Skip to main content

Taxation, banking, and expats trying to make sense of it all

The Telegraph ran a story in 2016 detailing the limited options available to British expatriates seeking to keep their UK bank accounts open. The options are certainly few and far between when it comes to expats wanting to retain access to their UK accounts. Part of the problem stems from changing regulations.

Banks are now requiring that all bank account holders be resident in the UK. This means that a valid telephone number and address is necessary to keep the bank account open. As such, anyone who falls outside of that description is not allowed to deposit money into UK banks.

This is particularly worrisome for British citizens who have relocated abroad. The increasing globalization of banks and financial institutions has been hamstrung to a degree by this type of legislation.

UK banks reluctant to offer international services to UK clients

Many UK High Street banks have closed the door on the provision of financial services facilities to people who now reside abroad. This is true of major banks like Lloyd’s Bank, Barclays Bank, HSBC and others. While there are notable exceptions, the trend is certainly clear.

Expatriates are being forced to take their business elsewhere, and this means that offshore banks are benefiting. This has important tax implications for UK citizens abroad. Consider that the options available for offshore banking are also tightening.

Years of historically low-interest rates and increasing regulation makes it unattractive for many banks to offer international services to their clients.

For example, minimum deposits in the region of £5,000 may be required to open accounts. One of the banks that offers these types of services is Barclays, with its Barclays International division.

Sometimes, it occurs that a UK resident will require a loan while abroad. It is always a good idea to determine whether your bank in the UK will be able to accept that loan so that you can draw the money using your ATM, debit, or credit card while overseas.

Tax Implications

Many UK expats wrongly believe that they are exempt from home country taxes when they move abroad. Unfortunately, the British tax code is highly complex, and is based upon residence and domicile. If a person has verified their tax residence/domicile status, it becomes much easier to understand tax liability.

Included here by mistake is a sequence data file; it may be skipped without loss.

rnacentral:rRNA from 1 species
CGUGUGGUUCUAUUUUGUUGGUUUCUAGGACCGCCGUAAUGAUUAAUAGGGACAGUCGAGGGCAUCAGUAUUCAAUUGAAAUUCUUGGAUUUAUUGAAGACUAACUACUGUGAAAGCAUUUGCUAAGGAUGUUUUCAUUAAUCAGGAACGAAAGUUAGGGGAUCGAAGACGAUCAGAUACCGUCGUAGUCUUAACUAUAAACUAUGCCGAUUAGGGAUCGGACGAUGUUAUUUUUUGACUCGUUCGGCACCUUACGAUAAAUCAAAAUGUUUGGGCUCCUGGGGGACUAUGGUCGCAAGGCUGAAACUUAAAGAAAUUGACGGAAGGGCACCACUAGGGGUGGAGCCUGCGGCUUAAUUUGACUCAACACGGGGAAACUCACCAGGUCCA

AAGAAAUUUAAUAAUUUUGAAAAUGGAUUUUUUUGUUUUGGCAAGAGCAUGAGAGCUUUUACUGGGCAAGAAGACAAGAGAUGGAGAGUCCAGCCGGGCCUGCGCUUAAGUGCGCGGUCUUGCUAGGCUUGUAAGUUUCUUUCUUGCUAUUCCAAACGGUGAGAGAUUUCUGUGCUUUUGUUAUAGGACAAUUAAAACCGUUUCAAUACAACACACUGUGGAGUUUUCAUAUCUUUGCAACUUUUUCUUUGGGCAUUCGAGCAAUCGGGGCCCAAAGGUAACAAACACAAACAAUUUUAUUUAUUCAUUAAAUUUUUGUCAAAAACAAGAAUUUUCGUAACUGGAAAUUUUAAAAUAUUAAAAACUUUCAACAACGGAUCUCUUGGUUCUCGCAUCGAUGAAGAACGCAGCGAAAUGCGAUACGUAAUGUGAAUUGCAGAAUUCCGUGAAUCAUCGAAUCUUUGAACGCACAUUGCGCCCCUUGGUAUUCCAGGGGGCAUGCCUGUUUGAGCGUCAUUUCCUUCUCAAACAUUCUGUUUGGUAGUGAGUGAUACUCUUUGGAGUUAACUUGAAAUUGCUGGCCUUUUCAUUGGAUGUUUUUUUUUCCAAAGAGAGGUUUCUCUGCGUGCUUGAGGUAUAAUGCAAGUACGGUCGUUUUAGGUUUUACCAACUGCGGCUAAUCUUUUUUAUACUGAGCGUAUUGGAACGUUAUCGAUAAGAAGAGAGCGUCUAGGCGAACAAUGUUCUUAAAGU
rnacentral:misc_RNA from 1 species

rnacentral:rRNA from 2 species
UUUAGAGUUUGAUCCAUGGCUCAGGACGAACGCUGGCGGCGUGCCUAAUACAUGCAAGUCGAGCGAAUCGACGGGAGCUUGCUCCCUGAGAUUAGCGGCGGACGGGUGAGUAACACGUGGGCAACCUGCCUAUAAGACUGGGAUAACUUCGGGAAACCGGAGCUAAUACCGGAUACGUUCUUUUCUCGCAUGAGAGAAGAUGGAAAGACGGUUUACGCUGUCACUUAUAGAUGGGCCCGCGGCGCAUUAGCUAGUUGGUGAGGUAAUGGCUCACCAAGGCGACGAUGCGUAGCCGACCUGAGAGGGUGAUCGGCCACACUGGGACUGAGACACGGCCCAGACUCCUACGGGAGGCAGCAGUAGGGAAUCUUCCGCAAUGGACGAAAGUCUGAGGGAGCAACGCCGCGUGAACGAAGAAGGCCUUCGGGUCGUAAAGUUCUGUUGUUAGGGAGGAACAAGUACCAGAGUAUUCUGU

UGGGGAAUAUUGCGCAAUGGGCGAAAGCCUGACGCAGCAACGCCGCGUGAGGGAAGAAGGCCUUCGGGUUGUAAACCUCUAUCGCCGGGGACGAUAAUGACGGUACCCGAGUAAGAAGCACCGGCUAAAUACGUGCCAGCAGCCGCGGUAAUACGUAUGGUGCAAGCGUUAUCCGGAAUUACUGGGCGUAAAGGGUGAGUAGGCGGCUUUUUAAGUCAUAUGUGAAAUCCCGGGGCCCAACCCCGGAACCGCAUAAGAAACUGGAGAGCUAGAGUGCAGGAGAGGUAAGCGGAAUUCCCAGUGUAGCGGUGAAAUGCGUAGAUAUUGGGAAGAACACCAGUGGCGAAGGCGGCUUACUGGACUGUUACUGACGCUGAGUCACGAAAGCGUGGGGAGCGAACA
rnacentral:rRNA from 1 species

Further, all UK residents are subject to capital gains tax and/or UK income tax on all global income. People who are not residents of the UK are subject to a different set of rules. For example, nonresidents will only be charged tax on income that is derived in the UK.

The UK tax authorities have robust double taxation agreements with multiple countries around the world. If a treaty is not in place, credit relief is applicable on foreign taxes that have already been paid.

The general rule is that you are considered a nonresident if you have been present for less than 46 days. A resident is somebody who has been in the UK between 46 and 90 days in a given tax year. In this case, 4 factors must be complied with.

It gets rather complicated when a UK resident leaves the UK to live or work abroad. A statutory residence test is then conducted to determine tax liability. The tax year in question may be divided up into unique components.

The first may be the overseas component in which you will be charged UK tax as a non-resident, and the second is the UK component where your charged UK tax as a resident of the UK.

Dual residence presents additional problems for tax purposes and this is where double taxation comes into play. Since nobody wants to pay tax twice on the same earnings, it is advisable to seek expert assistance in this regard.


Growth Company Investor: free trial